(Thomas Lam)
 
 
 
==Solution 2(David C)==
 
 
 
We do casework to find values that work
 
 
 
Case 1: Four Parallel Lines= 0 Intersections
 
 
 
Case 2: Three Parallel Lines and One Line Intersecting the Three Lines= 3 Intersections
 
 
 
Case 3: Two Parallel Lines with another Two Parallel Lines= 4 Intersections
 
 
 
Case 4: Two Parallel Lines with Two Other Non-Parallel Lines=5 Intersections
 
 
 
Case 5: Four Non-Parallel Lines All Intersecting Each Other at different points = 6 Intersections
 
 
 
Case 6: Four Non-Parallel Lines All Intersecting At One Point= 1 Intersection
 
 
 
You can find out that you cannot have 2 Intersections
 
 
 
Sum= <math>1+3+4+5+6</math>= <math>19  \boxed{D}</math>
 
  
 
==See Also==
 
==See Also==

Latest revision as of 01:32, 5 December 2019

The following problem is from both the 2019 AMC 10A #14 and 2019 AMC 12A #8, so both problems redirect to this page.

Problem

For a set of four distinct lines in a plane, there are exactly $N$ distinct points that lie on two or more of the lines. What is the sum of all possible values of $N$?

$\textbf{(A) } 14 \qquad \textbf{(B) } 16 \qquad \textbf{(C) } 18 \qquad \textbf{(D) } 19 \qquad \textbf{(E) } 21$

Solution

It is possible to obtain $0$, $1$, $3$, $4$, $5$, and $6$ points of intersection, as demonstrated in the following figures: [asy] unitsize(2cm); real d = 2.5; draw((-1,.6)--(1,.6),Arrows); draw((-1,.2)--(1,.2),Arrows); draw((-1,-.2)--(1,-.2),Arrows); draw((-1,-.6)--(1,-.6),Arrows);  draw((-1+d,0)--(1+d,0),Arrows); draw((0+d,1)--(0+d,-1),Arrows); draw(dir(45)+(d,0)--dir(45+180)+(d,0),Arrows); draw(dir(135)+(d,0)--dir(135+180)+(d,0),Arrows); dot((0+d,0));  draw((-1+2*d,sqrt(3)/3)--(1+2*d,sqrt(3)/3),Arrows); draw((-1/4-1/2+2*d, sqrt(3)/12-sqrt(3)/2)--(-1/4+1/2+2*d,sqrt(3)/12+sqrt(3)/2),Arrows); draw((1/4+1/2+2*d, sqrt(3)/12-sqrt(3)/2)--(1/4-1/2+2*d,sqrt(3)/12+sqrt(3)/2),Arrows); draw((-1+2*d,-sqrt(3)/6)--(1+2*d,-sqrt(3)/6),Arrows); dot((0+2*d,sqrt(3)/3)); dot((-1/2+2*d,-sqrt(3)/6)); dot((1/2+2*d,-sqrt(3)/6));  draw((-1/3,1-d)--(-1/3,-1-d),Arrows); draw((1/3,1-d)--(1/3,-1-d),Arrows); draw((-1,-1/3-d)--(1,-1/3-d),Arrows); draw((-1,1/3-d)--(1,1/3-d),Arrows); dot((1/3,1/3-d)); dot((-1/3,1/3-d)); dot((1/3,-1/3-d)); dot((-1/3,-1/3-d));  draw((-1+d,sqrt(3)/12-d)--(1+d,sqrt(3)/12-d),Arrows); draw((-1/4-1/2+d, sqrt(3)/12-sqrt(3)/2-d)--(-1/4+1/2+d,sqrt(3)/12+sqrt(3)/2-d),Arrows); draw((1/4+1/2+d, sqrt(3)/12-sqrt(3)/2-d)--(1/4-1/2+d,sqrt(3)/12+sqrt(3)/2-d),Arrows); draw((-1+d,-sqrt(3)/6-d)--(1+d,-sqrt(3)/6-d),Arrows); dot((0+d,sqrt(3)/3-d)); dot((-1/2+d,-sqrt(3)/6-d)); dot((1/2+d,-sqrt(3)/6-d)); dot((-1/4+d,sqrt(3)/12-d)); dot((1/4+d,sqrt(3)/12-d));  draw((-1/4-1/2+2*d, sqrt(3)/12-sqrt(3)/2-d)--(-1/4+1/2+2*d,sqrt(3)/12+sqrt(3)/2-d),Arrows); draw((1/4+1/2+2*d, sqrt(3)/12-sqrt(3)/2-d)--(1/4-1/2+2*d,sqrt(3)/12+sqrt(3)/2-d),Arrows); draw(dir(30)+(2*d,-d)--dir(30+180)+(2*d,-d),Arrows); draw(dir(150)+(2*d,-d)--dir(-30)+(2*d,-d),Arrows); dot((0+2*d,0-d)); dot((0+2*d,sqrt(3)/3-d)); dot((-1/2+2*d,-sqrt(3)/6-d)); dot((1/2+2*d,-sqrt(3)/6-d)); dot((-1/4+2*d,sqrt(3)/12-d)); dot((1/4+2*d,sqrt(3)/12-d)); [/asy]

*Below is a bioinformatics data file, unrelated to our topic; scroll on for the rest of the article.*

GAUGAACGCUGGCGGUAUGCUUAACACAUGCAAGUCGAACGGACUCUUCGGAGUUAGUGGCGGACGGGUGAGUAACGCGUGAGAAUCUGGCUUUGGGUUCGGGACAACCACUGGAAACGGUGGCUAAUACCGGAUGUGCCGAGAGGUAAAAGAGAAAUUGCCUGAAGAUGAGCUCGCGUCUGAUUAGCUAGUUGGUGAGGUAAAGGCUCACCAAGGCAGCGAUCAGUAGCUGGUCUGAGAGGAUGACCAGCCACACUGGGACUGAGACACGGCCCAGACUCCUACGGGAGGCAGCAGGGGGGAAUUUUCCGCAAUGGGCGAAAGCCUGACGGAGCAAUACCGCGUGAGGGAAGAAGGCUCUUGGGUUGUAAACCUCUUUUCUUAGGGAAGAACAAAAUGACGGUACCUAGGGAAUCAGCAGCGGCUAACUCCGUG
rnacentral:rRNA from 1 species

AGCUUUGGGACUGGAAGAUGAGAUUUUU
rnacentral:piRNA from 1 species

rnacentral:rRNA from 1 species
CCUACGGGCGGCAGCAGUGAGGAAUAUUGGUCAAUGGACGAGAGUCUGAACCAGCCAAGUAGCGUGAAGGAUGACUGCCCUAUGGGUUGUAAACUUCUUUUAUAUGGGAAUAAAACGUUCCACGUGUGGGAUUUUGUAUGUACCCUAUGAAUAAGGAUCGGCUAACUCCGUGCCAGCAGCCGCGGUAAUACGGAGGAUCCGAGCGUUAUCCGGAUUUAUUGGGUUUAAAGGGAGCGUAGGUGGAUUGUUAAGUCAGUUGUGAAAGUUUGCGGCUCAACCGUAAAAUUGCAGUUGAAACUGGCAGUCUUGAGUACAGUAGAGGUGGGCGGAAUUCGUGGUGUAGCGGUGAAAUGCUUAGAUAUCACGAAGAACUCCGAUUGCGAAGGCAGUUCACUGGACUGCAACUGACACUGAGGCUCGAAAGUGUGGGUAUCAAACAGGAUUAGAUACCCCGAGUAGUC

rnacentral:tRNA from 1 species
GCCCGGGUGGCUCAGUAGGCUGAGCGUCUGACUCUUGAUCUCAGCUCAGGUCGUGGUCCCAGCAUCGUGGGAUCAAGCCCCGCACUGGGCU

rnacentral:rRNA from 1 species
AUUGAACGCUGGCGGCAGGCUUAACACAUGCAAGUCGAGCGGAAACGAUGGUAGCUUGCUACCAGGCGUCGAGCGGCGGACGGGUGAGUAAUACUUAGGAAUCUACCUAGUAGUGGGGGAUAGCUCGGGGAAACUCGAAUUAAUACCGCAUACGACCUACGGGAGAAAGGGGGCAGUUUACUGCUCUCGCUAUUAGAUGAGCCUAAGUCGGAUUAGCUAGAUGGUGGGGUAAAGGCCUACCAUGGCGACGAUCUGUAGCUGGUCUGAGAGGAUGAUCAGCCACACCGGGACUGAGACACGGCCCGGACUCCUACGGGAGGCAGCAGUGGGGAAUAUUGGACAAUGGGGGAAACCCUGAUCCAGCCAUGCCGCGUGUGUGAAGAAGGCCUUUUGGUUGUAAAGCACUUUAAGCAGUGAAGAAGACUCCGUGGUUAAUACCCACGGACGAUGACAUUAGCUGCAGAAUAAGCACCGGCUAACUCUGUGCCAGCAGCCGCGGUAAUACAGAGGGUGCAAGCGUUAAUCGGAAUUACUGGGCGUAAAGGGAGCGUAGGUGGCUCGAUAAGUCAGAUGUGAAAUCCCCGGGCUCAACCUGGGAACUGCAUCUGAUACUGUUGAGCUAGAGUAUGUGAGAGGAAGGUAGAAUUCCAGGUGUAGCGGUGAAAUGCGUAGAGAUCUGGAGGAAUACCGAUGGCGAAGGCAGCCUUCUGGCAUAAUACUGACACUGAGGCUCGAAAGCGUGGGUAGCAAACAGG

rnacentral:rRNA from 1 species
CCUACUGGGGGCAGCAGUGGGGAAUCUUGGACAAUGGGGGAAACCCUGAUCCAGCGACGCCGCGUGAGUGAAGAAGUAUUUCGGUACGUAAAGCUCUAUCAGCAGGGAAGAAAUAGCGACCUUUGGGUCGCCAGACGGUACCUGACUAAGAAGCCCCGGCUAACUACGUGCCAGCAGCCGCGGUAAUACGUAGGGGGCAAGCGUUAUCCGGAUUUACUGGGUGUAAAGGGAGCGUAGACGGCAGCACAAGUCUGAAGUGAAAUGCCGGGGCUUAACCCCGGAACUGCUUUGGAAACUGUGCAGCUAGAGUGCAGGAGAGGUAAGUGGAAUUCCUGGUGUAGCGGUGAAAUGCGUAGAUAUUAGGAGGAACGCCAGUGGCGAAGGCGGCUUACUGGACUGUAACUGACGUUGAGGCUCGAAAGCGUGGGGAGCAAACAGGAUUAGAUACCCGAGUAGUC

It is clear that the maximum number of possible intersections is ${4 \choose 2} = 6$, since each pair of lines can intersect at most once. We now prove that it is impossible to obtain two intersections.

We proceed by contradiction. Assume a configuration of four lines exists such that there exist only two intersection points. Let these intersection points be $A$ and $B$. Consider two cases:

Case 1: No line passes through both $A$ and $B$

Then, since an intersection is obtained by an intersection between at least two lines, two lines pass through each of $A$ and $B$. Then, since there can be no additional intersections, no line that passes through $A$ can intersect a line that passes through $B$, and so each line that passes through $A$ must be parallel to every line that passes through $B$. Then the two lines passing through $B$ are parallel to each other by transitivity of parallelism, so they coincide, contradiction.

Case 2: There is a line passing through $A$ and $B$

Then there must be a line $l_a$ passing through $A$, and a line $l_b$ passing through $B$. These lines must be parallel. The fourth line $l$ must pass through either $A$ or $B$. Without loss of generality, suppose $l$ passes through $A$. Then since $l$ and $l_a$ cannot coincide, they cannot be parallel. Then $l$ and $l_b$ cannot be parallel either, so they intersect, contradiction.

All possibilities have been exhausted, and thus we can conclude that two intersections is impossible. Our answer is given by the sum $0+1+3+4+5+6=\boxed{\textbf{(D) } 19}$.

See Also

2019 AMC 10A (ProblemsAnswer KeyResources)
Preceded by
Problem 13
Followed by
Problem 15
1 2 3 4 5 6 7 8 9 10 11 12 13 14 15 16 17 18 19 20 21 22 23 24 25
All AMC 10 Problems and Solutions
2019 AMC 12A (ProblemsAnswer KeyResources)
Preceded by
Problem 7
Followed by
Problem 9
1 2 3 4 5 6 7 8 9 10 11 12 13 14 15 16 17 18 19 20 21 22 23 24 25
All AMC 12 Problems and Solutions